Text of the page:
Why we don’t need a Constituency Development Catalyst Fund (CDCF)

My colleague at the Centre for Democracy and Development (CDD) participated in the recent senate public hearing on the proposed Constituency Development Catalyst Fund (CDCF) Bill, which according to its sponsor; Senator Buhari Abdulfatai is aimed at executing projects that would promote government presence in each of the state constituencies.This Bill obviously is in conflict with the creation and functions of local government administration in the country.In Nigeria, constituency project has become a source of financing to those in authority, privileged enough to directly allocate the scarce resource, either to themselves or their cronies. Since the constituency project debate began, there have been a lot of myths, misunderstandings, and confusions about the constituency project administration in Nigeria.
The idea of a constituency fund committee to be supervised by the respective law maker is a misplaced role; arguably borne out by the desire by law makers to show visible evidence of “dividends of democracy” to their constituencies. The other is the claim by the law makers that they are well placed to know what their constituencies really want, this argument is defective. I think law makers, should know better that there is no constituency that solely belongs to them. For instance, the chairperson of a local government area is in-charge of that local area constituency; the governor of the state is in-charge of the state constituency. The Nigeria constituency falls within the purview of the President, who was elected by votes from every constituency in the country.Let me say that the duty of law makers is to make laws for the good governance of the country. The constitution has rightly provided that demarcation; which is called ‘separation of power’. There are three tiers of government, the executive, legislature and the judiciary, each having a specific role under the law. Nigeria is a federal state – national, state and local government administration – with each tier having specific exclusive or concurrent responsibility.
In our system of government, the local government authority is the true third tier of the country’s federalism. Among the functions of local government is the construction and maintenance of roads, streets, street lightnings, drains and other public highways, parks, gardens, open spaces, or such public facilities as maybe prescribed from time to time by the House of Assembly of a State. For me, these functions align with the aim of CDCF “executing projects that would promote government presence in each of the state constituencies.” Local government exists to be the government closest to the people, in which case, the tier that promotes government presence at each state constituency. Law makers cannot usurp constituency to them nor claim that they are closest to the people.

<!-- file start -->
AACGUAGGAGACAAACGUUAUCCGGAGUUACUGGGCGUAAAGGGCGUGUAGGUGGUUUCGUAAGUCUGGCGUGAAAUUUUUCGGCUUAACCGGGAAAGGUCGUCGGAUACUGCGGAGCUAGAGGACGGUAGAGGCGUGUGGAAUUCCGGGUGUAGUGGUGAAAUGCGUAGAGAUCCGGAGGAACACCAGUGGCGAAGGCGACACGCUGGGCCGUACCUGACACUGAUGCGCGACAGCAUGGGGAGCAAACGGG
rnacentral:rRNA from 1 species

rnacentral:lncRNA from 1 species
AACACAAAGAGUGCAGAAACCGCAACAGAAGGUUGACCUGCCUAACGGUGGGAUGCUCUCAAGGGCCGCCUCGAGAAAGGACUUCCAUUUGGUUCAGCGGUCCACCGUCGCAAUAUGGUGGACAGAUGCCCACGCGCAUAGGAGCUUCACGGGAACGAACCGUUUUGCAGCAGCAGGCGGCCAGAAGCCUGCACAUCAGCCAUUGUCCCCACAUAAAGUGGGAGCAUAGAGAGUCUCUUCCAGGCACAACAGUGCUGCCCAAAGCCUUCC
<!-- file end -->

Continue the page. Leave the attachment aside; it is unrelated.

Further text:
By introducing the law on constituency fund – which isn’t a very bad idea, but situating the supervision with the national assembly members is an obvious departure from the traditional constitutional role of the legislature under the doctrine of separation of powers, and usurpation of the role of the executive by the legislature. It is important to state, that the challenge of development in rural areas led to the creation of local government areas. Local government systems in the country has been incapacitated dues to conflicting laws and CDCF will be another reason while local government in the country hasn’t lived up to their expectation, in terms of rural development.
Let’s avoid another round of disputes between members of the executive and the law makers on the issue of inclusion of constituency projects in the budgets. In the past, budgets have been delayed because of the inclusion of constituency projects. Rather than create a CDCF, the law makers can ensure that the country’s local authority function optimally, by promoting laws that will engender true decentralization in the country. The law makers should promote laws that enhance the functionality of the local government system in the country.
Like CDD, I am also concerned that the Bill challenges the autonomy of the local government administration and I do not support the approach of the Bill to circumvent the strictly oversight role of the legislature stipulated in the 1999 Constitution of the Federal Republic of Nigeria.
Austin Aigbe

Leave a Comment

Your email address will not be published.